December 26, 2012 / 4:46 PM / 7 years ago

France should review 2013 deficit target with EU partners: IMF

PARIS (Reuters) - France should worry more about the credibility of its efforts to cut back on flab in public finances than whether or not it meets the EU’s 3 percent of GDP target for the budget deficit immediately, the IMF’s mission chief said on Wednesday.

Businessmen climb the steps at the Arche de la Defense, the financial and business district west of Paris, August 5, 2009. REUTERS/Benoit Tessier

The comments are the latest sign that France, hanging on grimly to the last of its top AAA credit ratings, may need - and could receive - some leeway on targets that are threatened by poor growth rates across the euro zone.

The International Monetary Fund forecast this month that France would miss its 2013 target for a deficit of 3 percent of gross domestic product, estimating the shortfall would come in at 3.5 percent due to weaker-than-expected growth.

EU Economic and Monetary Affairs Commissioner Olli Rehn said last week that France did not need additional savings measures and opened the door to “softer adjustment”.

Spanish newspaper El Pais reported on Saturday that the European Commission would propose Spain, France and several other euro zone states more time to cut their public deficits below the target limit of 3 percent of GDP.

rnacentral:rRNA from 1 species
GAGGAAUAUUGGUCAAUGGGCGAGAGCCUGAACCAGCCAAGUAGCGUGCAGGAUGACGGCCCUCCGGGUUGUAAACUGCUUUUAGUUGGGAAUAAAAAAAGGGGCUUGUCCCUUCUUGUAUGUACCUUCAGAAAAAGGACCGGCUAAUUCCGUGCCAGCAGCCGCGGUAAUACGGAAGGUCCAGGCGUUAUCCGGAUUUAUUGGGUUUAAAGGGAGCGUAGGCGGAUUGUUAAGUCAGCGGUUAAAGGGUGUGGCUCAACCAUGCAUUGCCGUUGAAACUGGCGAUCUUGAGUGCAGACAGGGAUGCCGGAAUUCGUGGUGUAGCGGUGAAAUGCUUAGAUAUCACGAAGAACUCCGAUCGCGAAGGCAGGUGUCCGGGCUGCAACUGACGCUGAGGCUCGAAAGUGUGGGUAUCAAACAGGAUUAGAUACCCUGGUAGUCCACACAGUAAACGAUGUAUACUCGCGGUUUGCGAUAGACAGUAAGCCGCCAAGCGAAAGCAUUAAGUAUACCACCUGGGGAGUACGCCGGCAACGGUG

Edward Gardner said that in order to respect the 3 percent target the Socialist government would have to carry out even more belt-tightening than already planned, which would weigh on growth that already was likely to be subdued.

“Our recommendation is that France discuss the fact in a broader European context (about what would be) the appropriate stance for 2013,” Gardner said in a conference call with journalists.

Eager to forge his fiscal credibility, President Francois Hollande already aims to carry out a belt-tightening effort that is unprecedented in modern France in order to reach the deficit target.

“The importance is really the credibility of the medium-term orientation of policies,” Gardner said.

“Whether it’s 3 or 3.5 percent next year matters less to the extent that France can give reasonable credible assurances about the direction of policies,” he added.

Reporting by Leigh Thomas; editing by Patrick Graham

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